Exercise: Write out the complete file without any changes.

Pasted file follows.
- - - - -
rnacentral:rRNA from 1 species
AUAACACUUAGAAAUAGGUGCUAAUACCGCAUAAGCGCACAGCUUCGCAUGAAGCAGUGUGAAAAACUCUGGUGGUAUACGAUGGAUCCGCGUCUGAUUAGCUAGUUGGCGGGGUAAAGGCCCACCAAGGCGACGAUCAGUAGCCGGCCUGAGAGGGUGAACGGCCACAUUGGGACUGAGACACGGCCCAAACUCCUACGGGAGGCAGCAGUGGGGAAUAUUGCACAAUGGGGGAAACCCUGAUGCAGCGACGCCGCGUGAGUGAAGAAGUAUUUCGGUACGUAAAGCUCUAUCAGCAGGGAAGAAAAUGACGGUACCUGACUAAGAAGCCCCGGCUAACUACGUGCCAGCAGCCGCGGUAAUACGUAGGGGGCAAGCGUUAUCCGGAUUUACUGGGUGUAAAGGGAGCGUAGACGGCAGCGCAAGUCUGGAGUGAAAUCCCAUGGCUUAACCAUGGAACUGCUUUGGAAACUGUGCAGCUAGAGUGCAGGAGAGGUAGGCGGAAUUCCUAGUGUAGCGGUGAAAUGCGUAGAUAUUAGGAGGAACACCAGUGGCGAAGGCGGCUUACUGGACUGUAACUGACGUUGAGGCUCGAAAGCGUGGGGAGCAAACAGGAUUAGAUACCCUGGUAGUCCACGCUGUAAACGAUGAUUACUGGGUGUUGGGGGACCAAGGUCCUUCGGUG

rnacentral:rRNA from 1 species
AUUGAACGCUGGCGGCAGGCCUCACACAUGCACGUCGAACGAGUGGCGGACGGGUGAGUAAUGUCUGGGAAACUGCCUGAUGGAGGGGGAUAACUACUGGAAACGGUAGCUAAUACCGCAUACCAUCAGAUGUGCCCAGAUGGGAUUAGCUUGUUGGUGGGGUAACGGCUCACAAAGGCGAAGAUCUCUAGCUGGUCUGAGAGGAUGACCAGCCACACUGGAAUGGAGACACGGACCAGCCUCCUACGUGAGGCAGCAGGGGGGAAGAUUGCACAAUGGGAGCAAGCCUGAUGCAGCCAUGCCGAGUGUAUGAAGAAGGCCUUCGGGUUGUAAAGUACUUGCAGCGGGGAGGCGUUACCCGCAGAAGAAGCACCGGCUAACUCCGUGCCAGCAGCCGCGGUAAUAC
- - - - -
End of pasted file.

rnacentral:rRNA from 1 species
AUAACACUUAGAAAUAGGUGCUAAUACCGCAUAAGCGCACAGCUUCGCAUGAAGCAGUGUGAAAAACUCUGGUGGUAUACGAUGGAUCCGCGUCUGAUUAGCUAGUUGGCGGGGUAAAGGCCCACCAAGGCGACGAUCAGUAGCCGGCCUGAGAGGGUGAACGGCCACAUUGGGACUGAGACACGGCCCAAACUCCUACGGGAGGCAGCAGUGGGGAAUAUUGCACAAUGGGGGAAACCCUGAUGCAGCGACGCCGCGUGAGUGAAGAAGUAUUUCGGUACGUAAAGCUCUAUCAGCAGGGAAGAAAAUGACGGUACCUGACUAAGAAGCCCCGGCUAACUACGUGCCAGCAGCCGCGGUAAUACGUAGGGGGCAAGCGUUAUCCGGAUUUACUGGGUGUAAAGGGAGCGUAGACGGCAGCGCAAGUCUGGAGUGAAAUCCCAUGGCUUAACCAUGGAACUGCUUUGGAAACUGUGCAGCUAGAGUGCAGGAGAGGUAGGCGGAAUUCCUAGUGUAGCGGUGAAAUGCGUAGAUAUUAGGAGGAACACCAGUGGCGAAGGCGGCUUACUGGACUGUAACUGACGUUGAGGCUCGAAAGCGUGGGGAGCAAACAGGAUUAGAUACCCUGGUAGUCCACGCUGUAAACGAUGAUUACUGGGUGUUGGGGGACCAAGGUCCUUCGGUG

rnacentral:rRNA from 1 species
AUUGAACGCUGGCGGCAGGCCUCACACAUGCACGUCGAACGAGUGGCGGACGGGUGAGUAAUGUCUGGGAAACUGCCUGAUGGAGGGGGAUAACUACUGGAAACGGUAGCUAAUACCGCAUACCAUCAGAUGUGCCCAGAUGGGAUUAGCUUGUUGGUGGGGUAACGGCUCACAAAGGCGAAGAUCUCUAGCUGGUCUGAGAGGAUGACCAGCCACACUGGAAUGGAGACACGGACCAGCCUCCUACGUGAGGCAGCAGGGGGGAAGAUUGCACAAUGGGAGCAAGCCUGAUGCAGCCAUGCCGAGUGUAUGAAGAAGGCCUUCGGGUUGUAAAGUACUUGCAGCGGGGAGGCGUUACCCGCAGAAGAAGCACCGGCUAACUCCGUGCCAGCAGCCGCGGUAAUAC